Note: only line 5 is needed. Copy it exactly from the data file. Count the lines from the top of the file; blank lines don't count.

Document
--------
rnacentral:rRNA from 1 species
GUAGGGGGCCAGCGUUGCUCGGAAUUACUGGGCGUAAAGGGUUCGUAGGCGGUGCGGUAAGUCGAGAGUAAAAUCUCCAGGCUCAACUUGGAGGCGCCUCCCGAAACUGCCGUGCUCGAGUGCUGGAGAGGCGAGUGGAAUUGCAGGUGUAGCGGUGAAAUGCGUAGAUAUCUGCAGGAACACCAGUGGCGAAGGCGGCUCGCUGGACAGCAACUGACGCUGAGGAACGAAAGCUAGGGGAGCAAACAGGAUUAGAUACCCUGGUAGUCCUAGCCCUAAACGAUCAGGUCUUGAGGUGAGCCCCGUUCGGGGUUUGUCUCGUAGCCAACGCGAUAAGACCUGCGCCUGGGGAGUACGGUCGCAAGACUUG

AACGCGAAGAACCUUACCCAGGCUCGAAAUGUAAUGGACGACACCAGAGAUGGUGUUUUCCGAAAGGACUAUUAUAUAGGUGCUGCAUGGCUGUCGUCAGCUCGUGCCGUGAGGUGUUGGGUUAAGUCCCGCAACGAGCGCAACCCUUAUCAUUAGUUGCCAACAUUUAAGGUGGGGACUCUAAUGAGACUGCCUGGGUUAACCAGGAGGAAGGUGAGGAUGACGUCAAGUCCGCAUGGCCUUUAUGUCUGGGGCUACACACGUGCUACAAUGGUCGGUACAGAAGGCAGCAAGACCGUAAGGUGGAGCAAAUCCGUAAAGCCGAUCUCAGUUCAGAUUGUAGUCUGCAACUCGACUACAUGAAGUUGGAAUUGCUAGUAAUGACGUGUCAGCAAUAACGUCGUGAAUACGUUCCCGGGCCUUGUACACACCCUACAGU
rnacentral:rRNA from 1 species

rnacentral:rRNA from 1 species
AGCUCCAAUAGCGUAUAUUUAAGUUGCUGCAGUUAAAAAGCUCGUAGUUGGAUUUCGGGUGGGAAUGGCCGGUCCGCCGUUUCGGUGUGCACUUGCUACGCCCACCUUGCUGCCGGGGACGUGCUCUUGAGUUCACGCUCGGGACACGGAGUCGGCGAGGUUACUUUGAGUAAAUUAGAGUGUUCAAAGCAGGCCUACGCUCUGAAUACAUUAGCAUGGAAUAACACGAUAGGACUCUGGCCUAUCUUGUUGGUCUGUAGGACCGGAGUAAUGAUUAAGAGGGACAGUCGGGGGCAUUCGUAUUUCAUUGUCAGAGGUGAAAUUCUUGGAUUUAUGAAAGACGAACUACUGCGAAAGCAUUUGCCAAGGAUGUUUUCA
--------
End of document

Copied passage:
rnacentral:rRNA from 1 species